The claim that conceptual art is to be identified less with a perceivable object than with the meaning or idea it aims to convey, gives rise to a host of complex ontological questions. The rejection of traditional artistic media, together with the de-materialisation of the art object, forces us to reconsider what seemed to be relatively uncomplicated aspects of artistic experience. The answers to questions such as ‘Is there in fact any one thing (or set of things) that we must perceive in artistic appreciation?’, and ‘Is it a necessary condition for the existence of an artwork that it have a medium?’ suddenly become a good deal less obvious.
In the first instance, conceptual art drives us to review the common assumption that appropriate appreciation and engagement with an artwork must involve a direct first-hand experience of that piece itself. The idea here, to use Frank Sibley’s words, is that
[p]eople have to see the grace or unity of a work, hear the plaintiveness or frenzy in the music, notice the gaudiness of colour scheme, feel the power of a novel, its mood, or its uncertainty of tone. They may be struck by these qualities at once, or they may come to perceive them only after repeated viewings, hearings, or readings, and with the help of critics. But unless they do perceive them for themselves, aesthetic enjoyment, appreciation, and judgement are beyond them… the crucial thing is to see, hear, or feel. (Sibley 1965, 137).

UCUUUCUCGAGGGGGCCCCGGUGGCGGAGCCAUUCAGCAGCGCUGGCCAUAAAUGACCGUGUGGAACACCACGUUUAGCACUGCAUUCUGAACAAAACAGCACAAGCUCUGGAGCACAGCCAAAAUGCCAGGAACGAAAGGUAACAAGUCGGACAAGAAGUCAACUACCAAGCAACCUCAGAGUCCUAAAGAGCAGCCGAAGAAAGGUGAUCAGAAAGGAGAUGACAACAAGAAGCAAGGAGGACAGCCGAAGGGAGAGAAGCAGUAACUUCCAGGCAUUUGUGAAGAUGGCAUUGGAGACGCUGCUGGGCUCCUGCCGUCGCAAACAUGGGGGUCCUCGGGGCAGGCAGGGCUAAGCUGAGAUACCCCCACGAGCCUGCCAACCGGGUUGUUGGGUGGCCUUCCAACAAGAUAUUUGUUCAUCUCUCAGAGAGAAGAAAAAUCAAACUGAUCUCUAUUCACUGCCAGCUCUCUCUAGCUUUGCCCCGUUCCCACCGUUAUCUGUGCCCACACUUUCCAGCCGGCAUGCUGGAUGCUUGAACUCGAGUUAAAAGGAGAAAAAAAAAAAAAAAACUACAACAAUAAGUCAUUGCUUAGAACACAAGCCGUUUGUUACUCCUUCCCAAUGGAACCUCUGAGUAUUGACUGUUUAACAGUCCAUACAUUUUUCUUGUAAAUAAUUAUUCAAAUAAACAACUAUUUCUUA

The assumption in question is, then, that although we seem to gain something from looking at, for example, a postcard or poster of Katsushika Hokusai's Fine Wine, Clear Morning or Élisabeth Vigée Le Brun’s Self-Portrait in a Straw Hat , a genuine judgement about its artistic character necessitates one’s own un-mediated perceptual experience of it. But – and herein lies the crux of the problem for conceptual art – what if there is nothing for us to get a first-hand perceptual experience of? In the case of Walter De Maria’s Vertical Earth Kilometer (1977), a kilometre-long metal shaft plunged into the surface of the earth so that only the very top is visible, first-hand perceptual experience is simply not something that can be had. More pertinently, what does it even mean to have a perceptual engagement with an artwork that claims, basically, to be an idea?